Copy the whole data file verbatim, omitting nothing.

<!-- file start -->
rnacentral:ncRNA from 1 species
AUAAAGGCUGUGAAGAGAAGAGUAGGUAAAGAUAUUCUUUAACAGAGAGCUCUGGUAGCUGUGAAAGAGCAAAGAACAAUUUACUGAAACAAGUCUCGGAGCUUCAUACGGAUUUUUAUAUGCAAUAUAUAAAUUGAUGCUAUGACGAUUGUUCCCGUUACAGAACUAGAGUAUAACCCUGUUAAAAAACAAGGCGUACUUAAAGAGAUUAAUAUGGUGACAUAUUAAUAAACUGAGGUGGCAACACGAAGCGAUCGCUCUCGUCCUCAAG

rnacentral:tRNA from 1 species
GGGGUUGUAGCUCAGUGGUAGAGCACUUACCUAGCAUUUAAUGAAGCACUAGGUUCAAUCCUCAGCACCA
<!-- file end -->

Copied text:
rnacentral:ncRNA from 1 species
AUAAAGGCUGUGAAGAGAAGAGUAGGUAAAGAUAUUCUUUAACAGAGAGCUCUGGUAGCUGUGAAAGAGCAAAGAACAAUUUACUGAAACAAGUCUCGGAGCUUCAUACGGAUUUUUAUAUGCAAUAUAUAAAUUGAUGCUAUGACGAUUGUUCCCGUUACAGAACUAGAGUAUAACCCUGUUAAAAAACAAGGCGUACUUAAAGAGAUUAAUAUGGUGACAUAUUAAUAAACUGAGGUGGCAACACGAAGCGAUCGCUCUCGUCCUCAAG

rnacentral:tRNA from 1 species
GGGGUUGUAGCUCAGUGGUAGAGCACUUACCUAGCAUUUAAUGAAGCACUAGGUUCAAUCCUCAGCACCA